Woke up early today because we were leaving for Double Check at 6. So I fed the horses in the dark which was different. Smokey was suspicious about his nose bag and had to sniff it quite a few times before deciding it was okay. It was easier in the dark though because I could leave the gate open between trips to the feeder because they couldn’t see it! Double Check is beautiful and it was exciting to see the packing house! We brought home and ate the meat of the yellow bull that Emma Grace and I found that day. He was so damn tasty.
Anyway, we went over there for a meeting with Land & Water Trust which Eric thought would include about 6 people. Well a bus pulled up and I had a hunch that a bunch of birders would get off because tour buses are for old people (or Asians) and old people are birders in this part of the country. And sure enough! It was fun having all these visitors and many of them wanted to talk to me. I obtained 2 business cards and went on the bird walk. What a lovely place in the unfortunate town of Dudleyville. While I watched a vermilion flycatcher dance and gleam above a lush green pasture a group of meadowlarks flew in and perched on a branch and fence post screaming yellow against the green… and a rock wren twitched around in a wood pile and a yellow-rumped hopped about overhead.
When we got back we gave the horses sponge baths with the lice solution. They accepted it much better than expected, especially Popcorn. I think Sugar and I are buds again – I walked half way across the corral toward her and she came the rest of the way. I get such enjoyment from interacting with and observing them each day; I might look forward to Happy Hour more than Dink does!
Today I lugged some juniper stays up a huge slope and across a mesa and placed ‘em where needed on the fence. Cheyenne stayed nearby. Lovely walking down Blackjack and Cold Creek. Buncha cows hanging out down there. Funny to see such large creatures get nervous and run away. My hands are all messed up and painful all over. I can hardly bend my left thumb. The third time I hit it this morning with the handsaw was the zinger – right on the knuckle, bled all over. And my arms burn from catclaw.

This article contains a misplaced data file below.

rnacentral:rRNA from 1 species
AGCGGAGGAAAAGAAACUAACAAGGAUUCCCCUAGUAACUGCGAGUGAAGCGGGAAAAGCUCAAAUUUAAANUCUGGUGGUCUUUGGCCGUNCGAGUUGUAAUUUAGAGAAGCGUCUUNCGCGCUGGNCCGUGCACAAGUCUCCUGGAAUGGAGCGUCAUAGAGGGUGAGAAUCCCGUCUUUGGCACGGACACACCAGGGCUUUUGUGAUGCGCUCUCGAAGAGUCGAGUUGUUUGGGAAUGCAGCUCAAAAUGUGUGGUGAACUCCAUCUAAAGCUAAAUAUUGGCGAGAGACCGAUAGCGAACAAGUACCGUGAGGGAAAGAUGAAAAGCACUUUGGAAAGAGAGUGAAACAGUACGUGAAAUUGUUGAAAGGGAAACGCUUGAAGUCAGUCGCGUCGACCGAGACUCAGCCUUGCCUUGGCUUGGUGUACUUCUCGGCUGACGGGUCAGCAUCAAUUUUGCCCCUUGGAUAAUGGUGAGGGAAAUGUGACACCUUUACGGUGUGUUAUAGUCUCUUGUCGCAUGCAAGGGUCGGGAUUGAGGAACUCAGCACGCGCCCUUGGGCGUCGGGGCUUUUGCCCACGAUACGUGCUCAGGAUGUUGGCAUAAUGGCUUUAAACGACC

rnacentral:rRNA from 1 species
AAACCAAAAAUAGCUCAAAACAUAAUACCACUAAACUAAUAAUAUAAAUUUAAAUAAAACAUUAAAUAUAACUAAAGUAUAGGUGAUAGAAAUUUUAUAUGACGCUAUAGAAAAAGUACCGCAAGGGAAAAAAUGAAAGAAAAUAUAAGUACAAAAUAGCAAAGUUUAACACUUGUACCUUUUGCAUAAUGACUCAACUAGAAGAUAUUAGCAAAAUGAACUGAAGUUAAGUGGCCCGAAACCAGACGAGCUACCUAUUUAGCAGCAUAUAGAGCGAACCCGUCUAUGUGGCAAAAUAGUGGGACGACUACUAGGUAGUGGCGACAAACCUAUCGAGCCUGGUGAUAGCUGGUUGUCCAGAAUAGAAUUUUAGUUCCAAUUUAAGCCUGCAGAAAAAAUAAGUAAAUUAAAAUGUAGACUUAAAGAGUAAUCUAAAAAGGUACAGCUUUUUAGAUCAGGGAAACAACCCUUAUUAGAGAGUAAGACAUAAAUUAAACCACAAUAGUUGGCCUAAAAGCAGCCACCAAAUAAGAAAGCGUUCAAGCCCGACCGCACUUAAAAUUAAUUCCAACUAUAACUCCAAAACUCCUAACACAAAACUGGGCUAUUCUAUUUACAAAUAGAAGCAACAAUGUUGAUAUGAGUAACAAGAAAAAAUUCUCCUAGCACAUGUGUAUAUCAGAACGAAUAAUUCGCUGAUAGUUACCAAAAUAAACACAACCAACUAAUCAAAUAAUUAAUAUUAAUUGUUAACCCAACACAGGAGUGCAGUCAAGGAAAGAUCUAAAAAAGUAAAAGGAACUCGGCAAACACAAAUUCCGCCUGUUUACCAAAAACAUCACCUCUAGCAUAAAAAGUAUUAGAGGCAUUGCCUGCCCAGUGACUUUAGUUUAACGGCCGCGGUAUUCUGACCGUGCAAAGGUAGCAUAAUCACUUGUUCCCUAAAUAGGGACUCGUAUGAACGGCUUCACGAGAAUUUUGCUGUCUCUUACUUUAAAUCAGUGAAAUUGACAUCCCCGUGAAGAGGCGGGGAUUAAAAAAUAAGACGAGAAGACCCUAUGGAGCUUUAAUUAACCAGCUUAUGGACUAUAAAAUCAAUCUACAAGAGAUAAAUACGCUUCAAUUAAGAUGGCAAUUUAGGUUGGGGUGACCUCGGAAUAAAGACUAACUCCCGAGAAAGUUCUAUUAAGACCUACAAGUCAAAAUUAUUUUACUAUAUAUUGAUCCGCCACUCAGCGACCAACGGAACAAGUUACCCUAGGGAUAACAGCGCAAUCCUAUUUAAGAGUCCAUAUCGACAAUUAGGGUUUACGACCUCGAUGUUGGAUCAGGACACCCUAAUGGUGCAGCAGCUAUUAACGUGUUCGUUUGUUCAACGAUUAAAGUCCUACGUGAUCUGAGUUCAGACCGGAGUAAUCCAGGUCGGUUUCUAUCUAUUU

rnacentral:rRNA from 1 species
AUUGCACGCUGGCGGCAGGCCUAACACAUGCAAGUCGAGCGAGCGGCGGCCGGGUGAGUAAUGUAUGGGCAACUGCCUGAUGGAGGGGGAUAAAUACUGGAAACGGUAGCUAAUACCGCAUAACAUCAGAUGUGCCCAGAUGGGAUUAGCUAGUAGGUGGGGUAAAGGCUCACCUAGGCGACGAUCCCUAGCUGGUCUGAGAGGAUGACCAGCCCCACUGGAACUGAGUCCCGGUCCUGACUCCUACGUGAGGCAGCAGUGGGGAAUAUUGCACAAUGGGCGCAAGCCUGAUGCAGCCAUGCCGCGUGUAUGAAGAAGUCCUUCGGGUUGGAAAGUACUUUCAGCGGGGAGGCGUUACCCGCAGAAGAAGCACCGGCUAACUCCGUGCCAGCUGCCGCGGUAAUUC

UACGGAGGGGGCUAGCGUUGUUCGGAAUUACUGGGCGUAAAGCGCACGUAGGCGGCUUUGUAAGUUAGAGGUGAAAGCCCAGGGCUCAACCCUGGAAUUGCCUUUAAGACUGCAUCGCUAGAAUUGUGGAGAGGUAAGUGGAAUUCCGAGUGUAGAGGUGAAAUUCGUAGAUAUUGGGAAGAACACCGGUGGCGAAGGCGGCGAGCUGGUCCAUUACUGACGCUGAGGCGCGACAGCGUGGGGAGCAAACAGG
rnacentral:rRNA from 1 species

Yesterday Jean sent me out to check Sola tank. She always gives me these simple instructions of how to do things that I am completely ignorant to. Like knowing how to get to Sola. I’ve been there before, sure, because my horse took me there, from a different direction. Yeah, it was on that one mesa next to that one prickly pear, you know – the one with needles. Okay. I went up and down and up and down on the hills on foot, having only a slight idea which direction to head. I finally climbed up to the top of a big ridge in hopes that it was up there. Well from the top I could see a big silver tank on the adjacent ridge. Sooo back down and up, up, up a steep rocky face. Hope it’s the right tank. Hope my estimate of the water level is somewhat accurate. When I got back to the house, my to do list said “big silver tank” – phew!